The ‘Burbs: An American Gothic Tale

A cul-de-sac in an unassuming Midwestern suburb is the setting for this classic dark comedy from the ’80s. Though underappreciated, The ‘Burbs (1989) is one of my favorite movies and helped spark my interest in the unusual. It stars Tom Hanks, Bruce Dern, and Rick Ducommun as three friends who suspect an eccentric and reclusive family is up to no good in their neighborhood.

Though on the surface a lighthearted satire of ’80s horror, The ‘Burbs delves deep into the American gothic and the double-sided nature of modern American society, a society that consumes true crime, horror, and paranormal books, movies, and television behind picket fences and manicured lawns.

On Mayfield Place in the fictional suburban town of Hinkley Hills, Art Weingartner (Rick Ducommun) and retired Lieutenant Mark Rumsfield (Bruce Dern) suspect a family named Klopek, who live in a dilapidated house next door to Ray Peterson (Tom Hanks), are really satanists responsible for the disappearance of the house’s previous occupants, and later, an old man named Walter Seznick.

Ray Peterson is skeptical, simply wanting to enjoy a quiet weeklong vacation at home with his wife (Carrie Fisher) and son. Strange events gradually convince Ray his friends are right, and they break into the Klopeks’ home seeking evidence of their crimes.

Keep on reading!

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Excerpt of Sonic Fear, from Lost in the Witching Hour

Lost in the Witching HourThe following is an excerpt from my short story “Sonic Fear” from Breaking Fate Publishing’s latest anthology Lost in the Witching Hour. Released in August, Lost in the Witching Hour is a collection of 13 ghostly tales from up-and-coming authors including myself, Ryan Tandy, Amelia Cotter, Jason Hughes, Walter Conley, Nicky Peacock, and many more.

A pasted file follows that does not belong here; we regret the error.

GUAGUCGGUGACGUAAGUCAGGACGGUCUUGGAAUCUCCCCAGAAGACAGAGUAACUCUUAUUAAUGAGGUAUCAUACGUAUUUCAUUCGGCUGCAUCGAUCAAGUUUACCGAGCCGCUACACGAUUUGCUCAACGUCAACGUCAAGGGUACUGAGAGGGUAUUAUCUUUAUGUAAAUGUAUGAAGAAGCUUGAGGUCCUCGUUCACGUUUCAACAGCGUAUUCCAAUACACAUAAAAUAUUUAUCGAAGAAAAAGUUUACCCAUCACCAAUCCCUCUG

Fifth Avenue was empty as well, and only a handful of cars sat in the parking lot of the Fifth Avenue Pub. Not a very inventive name, but this was where James found himself for the past couple of nights. The pub was as dimly lit as the street. Its interior was mostly wood—wood paneling, wooden tables, a heavy oak counter—but decades of patrons had carved messages in the walls and tables until they were colored in red, blue, and black ink. The messages chronicled proclamations of love and hate, phone numbers and addresses, and some were scribblings only decipherable by their long-departed artists. The whole place reeked of the beer soaked into the tables and the body odor of the old men who sat at the same table in the corner, at the same time, every day. James picked an empty bar stool and sat down.

The bartender was a clean-cut black man in his mid thirties, dressed in a silver shirt with sleeves rolled up to the elbows. Sweat and oil glistened on his forehead. Every few minutes he spat into what James hoped was a sink or trash can. “What’ll it be tonight?” he asked.

“Don’t you want to see my ID?” James replied as he reached for his wallet.

“Nah, I remember you from last night,” the bartender said. “Haven’t seen you around before though.”

“I just moved near here a few days ago. I grew up on Harlem Avenue, but this apartment is my first place on my own.”

The bartender laughed. “Maybe I do need to check your ID. How old did you say you were again?”

“Twenty-three,” James mumbled. “I’ll take whatever you have on special.”

Continue reading “Excerpt of Sonic Fear, from Lost in the Witching Hour”

“Sonic Fear” in Summer 2010 issue of KILTER

Check out the new issue of KILTER – I have a pretty decent short story published in it called “Sonic Fear” about a guy who loses his mind because he lives too close to the railroad tracks…

From their website: “Number 8 is busting at the seams with great content. Art coverage, movie reviews, An Interview with Voltaire by the Reverend Chicagodom, a review of the Chemlab/16 Volt show, a piece about Latebar, the fashion of Dollface, art by Sinee Misgari, Zmiya, Judgehydrogen, an expanded comics section, Poetry, fiction by Michael Kleen, Cleo LaVamp on the Continuum (including a pictorial tour) SS-Triple-X, and our regular features, Ask Happy, the Horriblescopes and another vegan recipe by Scary Lady Sarah. :gasp: (and so much more)”

Order now ($5 + Shipping) It’s also available in select Chicago stores.